Objective: To present the critical issue of exercise in the heat in a format that provides physiologic foundations (Part I) and then applies the established literature to substantial, usable guidelines that athletic trainers can implement on a daily basis when working with athletes who exercise in the heat (Part II).
Data sources: The databases MEDLINE and SPORT Discus were searched from 1980 to 1999, with the terms "hydration," "heat," "dehydration," "cardiovascular," "thermoregulatory," "physiology," and "exercise," among others. The remaining citations are knowledge base.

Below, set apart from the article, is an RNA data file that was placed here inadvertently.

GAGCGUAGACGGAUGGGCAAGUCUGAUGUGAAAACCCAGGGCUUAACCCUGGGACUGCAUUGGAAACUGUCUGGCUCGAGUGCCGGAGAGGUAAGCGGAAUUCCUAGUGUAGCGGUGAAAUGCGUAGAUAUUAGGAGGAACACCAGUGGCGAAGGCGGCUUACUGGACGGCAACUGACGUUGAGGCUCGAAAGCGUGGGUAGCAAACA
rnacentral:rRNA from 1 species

Data synthesis: Part I introduces athletic trainers to some of the basic physiologic and performance responses to exercise in the heat.
Conclusions/recommendations: The medical supervision of athletes who exercise in hot environments requires an in-depth understanding of basic physiologic responses and performance considerations. Part I of this article aims to lay the scientific foundation for efficient implementation of the guidelines for monitoring athletic performance in the heat provided in Part II.